Edit the Cacti’s cron entry in the crontab file to poll every five minutes.

vi /etc/cron.d/cacti

Uncomment the below line.

*/5 * * * *     apache  /usr/bin/php /usr/share/cacti/poller.php > /dev/null 2>&1

Edit the Apache configuration file to perform the remote installation.

vi /etc/httpd/conf.d/cacti.conf

Modify the first directory stanza.

Remove Require host localhost line and add Require all granted line in the directory stanza.

Alias /cacti    /usr/share/cacti


<Directory /usr/share/cacti/>
        <IfModule mod_authz_core.c>
                # httpd 2.4
                Require all granted
        </IfModule>
        <IfModule !mod_authz_core.c>
                # httpd 2.2
                Order deny,allow
                Deny from all
                Allow from localhost
        </IfModule>
</Directory>

Set the timezone by editing /etc/php.ini file.

vi /etc/php.ini

Update the PHP parameters.

date.timezone = US/Central

memory_limit = 512M 

max_execution_time = 60

Restart the services.

systemctl restart httpd

systemctl restart php-fpm 

Firewall

Configure the firewall to allow HTTP service.

firewall-cmd --permanent --add-service=http

firewall-cmd --reload

SELinux

It is recommended to disable SELinux permanently for Cacti to work correctly. To temporarily disable the SELinux, run the following command in the terminal.

setenforce 0

Setup Cacti Web Interface

Visit the following URL to start the installation of cacti.

http://your-ip-address/cacti

The initial login details:

Username: admin

Password: admin

Login To Cacti Monitoring Tool
Login To Cacti Monitoring Tool

Change the admin user’s password.

Change Admin Password
Change Admin Password

Accept the License Agreement on this page and then click on Next to continue.

Accept Cacti License Agreement
Accept Cacti License Agreement

The Cacti installer now performs pre-installation checks to determine whether the system meets the requirements for the Cacti installation.

Ensure all checks are green. Consider fixing any warnings the installer reports on this page.

Move to the next step by clicking the Next button located at the left bottom of the page.

Cacti Pre-Installation Checks
Cacti Pre-Installation Checks

Select New Primary Server or the new installation and then click Next.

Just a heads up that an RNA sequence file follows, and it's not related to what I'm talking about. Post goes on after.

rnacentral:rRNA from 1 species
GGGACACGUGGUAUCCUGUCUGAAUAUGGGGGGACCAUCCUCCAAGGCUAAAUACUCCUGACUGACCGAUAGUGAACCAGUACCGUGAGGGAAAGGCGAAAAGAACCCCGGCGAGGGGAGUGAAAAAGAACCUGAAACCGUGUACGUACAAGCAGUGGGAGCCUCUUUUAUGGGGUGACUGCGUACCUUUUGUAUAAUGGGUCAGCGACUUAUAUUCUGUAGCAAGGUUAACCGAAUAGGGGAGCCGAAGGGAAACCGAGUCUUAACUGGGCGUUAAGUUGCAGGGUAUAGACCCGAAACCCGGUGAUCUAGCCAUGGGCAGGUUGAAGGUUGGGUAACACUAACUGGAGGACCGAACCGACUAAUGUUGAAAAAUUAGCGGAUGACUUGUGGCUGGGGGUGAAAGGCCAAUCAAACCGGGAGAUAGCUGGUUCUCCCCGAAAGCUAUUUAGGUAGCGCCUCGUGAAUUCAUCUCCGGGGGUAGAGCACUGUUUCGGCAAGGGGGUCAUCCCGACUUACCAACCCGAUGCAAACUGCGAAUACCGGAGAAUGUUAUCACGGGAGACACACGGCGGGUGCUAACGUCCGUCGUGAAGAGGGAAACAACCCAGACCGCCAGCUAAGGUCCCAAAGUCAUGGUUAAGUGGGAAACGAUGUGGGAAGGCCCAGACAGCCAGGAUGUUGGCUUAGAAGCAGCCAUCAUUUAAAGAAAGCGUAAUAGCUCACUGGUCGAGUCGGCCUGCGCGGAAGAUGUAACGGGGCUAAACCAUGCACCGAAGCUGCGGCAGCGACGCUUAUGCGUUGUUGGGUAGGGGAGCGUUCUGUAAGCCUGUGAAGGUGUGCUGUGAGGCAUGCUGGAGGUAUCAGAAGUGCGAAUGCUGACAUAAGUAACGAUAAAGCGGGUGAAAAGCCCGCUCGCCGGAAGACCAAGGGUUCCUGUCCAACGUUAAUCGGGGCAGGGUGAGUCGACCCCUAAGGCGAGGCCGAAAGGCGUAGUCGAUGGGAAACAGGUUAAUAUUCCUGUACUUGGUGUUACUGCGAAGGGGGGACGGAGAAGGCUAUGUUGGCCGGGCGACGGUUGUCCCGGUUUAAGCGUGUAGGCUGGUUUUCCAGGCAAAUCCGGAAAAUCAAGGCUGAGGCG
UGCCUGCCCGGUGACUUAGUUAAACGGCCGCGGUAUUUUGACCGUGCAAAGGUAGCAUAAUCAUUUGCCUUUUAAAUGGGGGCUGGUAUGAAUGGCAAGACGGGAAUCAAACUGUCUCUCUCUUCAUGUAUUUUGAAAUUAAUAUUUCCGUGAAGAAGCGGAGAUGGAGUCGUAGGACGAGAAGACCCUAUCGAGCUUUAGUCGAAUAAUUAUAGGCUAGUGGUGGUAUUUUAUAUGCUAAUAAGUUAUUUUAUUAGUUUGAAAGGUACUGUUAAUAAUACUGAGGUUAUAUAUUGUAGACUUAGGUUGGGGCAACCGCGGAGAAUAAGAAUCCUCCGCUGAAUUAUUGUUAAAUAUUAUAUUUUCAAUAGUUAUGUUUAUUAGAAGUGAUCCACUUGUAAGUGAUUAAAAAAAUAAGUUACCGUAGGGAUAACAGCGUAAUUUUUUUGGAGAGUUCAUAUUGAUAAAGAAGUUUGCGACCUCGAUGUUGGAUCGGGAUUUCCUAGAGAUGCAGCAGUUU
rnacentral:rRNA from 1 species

Cacti Installation Type
Cacti Installation Type

This step checks and reports for permission problems you may have in the Cacti installation directory.

Cacti Directory Permission Checks
Cacti Directory Permission Checks

It will show you if there is any package is missing that is mandatory for the Cacti.

Cacti Critical Binary Locations and Versions
Cacti Critical Binary Locations and Versions

Click Next.

Default Profile
Default Profile

Select all templates and click Next.

Cacti Templates
Cacti Templates

This step reports if the database is not UTF8 compliant.

Database Check
Database Check

Press Confirm Installation and then click Install begin the Cacti installation.

Confirm Cacti Installation
Confirm Cacti Installation

The installation is in progress.

Installation In Progress
Installation In Progress

The Cacti installation is now complete. Click Get Started to access the Cacti dashboard.

Installation Complete
Installation Complete

Access Cacti Dashboard

Enter the Username and password to login to Cacti.

Login To Cacti Monitoring Tool
Login To Cacti Monitoring Tool

Cacti Dashboard:

Cacti Dashboard
Cacti Dashboard

By default, Cacti creates resource usage graphs for the local machine where you have the Cacti installed.

To view the graphs, go to Graph >> Default Tree >> Local >> Choose Your Device.

Wait at least 15 – 30 minutes to let Cacti populate the usage graph of your device for you.

Device Graph
Device Graph

Conclusion

That’s All. I hope you learned how to install Cacti on CentOS 8 / RHEL 8. Now, you can proceed to configure Cacti to monitor remote Linux servers. Please post your valuable comments below.